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Local resident Kristen Degan was honored with a ”Research Award” from the Caron Drug & Alcohol Treatment Center, at the organization’s Fourth Annual Washington Metropolitan Area Community Service Awards Breakfast on Friday, June 27. Degan was praised for her work with the D.C. Crystal Meth Working Group (DCCMWG) and for a survey the group conducted on methamphetamine use in Washington.
”I’m honored, but I feel very much that it was not an award just for me,” Degan says. ”I feel like it was for everybody in the group who has worked on this, whether it’s been developing the survey, implementing the survey, or helping analyze the data. There have been a lot of people involved.”
Degan, a self-proclaimed ”straight ally” and director of operations at the National Youth Advocacy Coalition (NYAC), a GLBT organization, serves as the chair of the Survey Subcommittee of the DCCMWG.
The D.C. Crystal Meth Working Group is an entity that evolved from, among other things, a May 2005 community forum about the drug, sponsored by The Center — ”Home for GLBT in Metro D.C.” and Brother Help Thyself, a local, gay, philanthropic group.
”The goal of [the survey] was to just figure out if there was crystal meth being used in D.C.,” she says. ”That survey was done at nightclubs and bars, and we found that there was a significant amount of crystal meth use.
”That told us that we needed to find out more information. So we developed a longer survey… about different substances that people might have used, as well as some other risk behaviors and HIV status and things like that. It was basically to guide the activities of the working group. We wanted to collect the information so that the working group could then figure out what was needed out in the community.”
From nightclubs and bars, Degan and her team of about 20 people, moved on to Black Pride, Youth Pride, Capital Pride and Adams Morgan Day. She presented her findings during a town-hall event on Nov. 29, 2007.
Of the 1,109 D.C.-area residents who took part in the 14-question survey, 87 people said they had used crystal meth, and 988 said they had not. Of the 87 surveyed crystal meth users: The majority were between 20 to 39 years old; 93 percent were gay, lesbian or bisexual; 69 percent identified as white male; 23 percent were HIV-positive; and 67 percent used other illegal drugs in the past. Of all respondents, 81 percent did not know where to go for help in dealing with crystal-meth addiction.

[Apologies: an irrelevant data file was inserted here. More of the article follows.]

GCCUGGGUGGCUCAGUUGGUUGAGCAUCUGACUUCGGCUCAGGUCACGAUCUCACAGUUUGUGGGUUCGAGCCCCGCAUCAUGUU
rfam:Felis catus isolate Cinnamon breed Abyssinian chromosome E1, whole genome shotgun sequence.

The drug, which can be highly addictive, is notorious for its popularity among gay men as well as its associated health risks.
David Schwartz, a psychologist who serves on Caron’s nominating company and a member of the DCCMWG, says Degan was instrumental in developing the survey.
”Out of the people working in this field from Richmond to Baltimore, she stood out head and shoulders above anybody else,” he says.
Degan got involved with crystal-meth analysis after working at PreventionWorks!, a needle-exchange program that provides harm-reduction services to people who are injection-drug users. Degan currently sits on the board at PreventionWorks!
”It’s basically a way into a community that’s really hard to reach,” she says of PreventionWorks!, adding that she’s always been interested in public health.
Other Caron honorees included Joseph Izzo, who has been working with mental health and addiction services at the Whitman-Walker Clinic for 22 years, honored with an ”Unsung Hero” award; and Baltimore resident Kip Castner, acting deputy chief for the Center of Prevention, Maryland AIDS Administration, honored with the ”Educational Excellence Award.”
”He was nominated in large part because he did all the legwork behind putting on a half-day training program for local professionals on healthy recovery with a particular focus on healthy sexuality called ‘Sexual Health and Recovery, a new vision for effective addiction treatment,”’ Schwartz says. ”He has also written two one-day programs for GLBT people, called ‘Rise’ and ‘Rise Up.”’
The D.C. Crystal Meth Working Group is online at www.letstalkaboutmeth.org.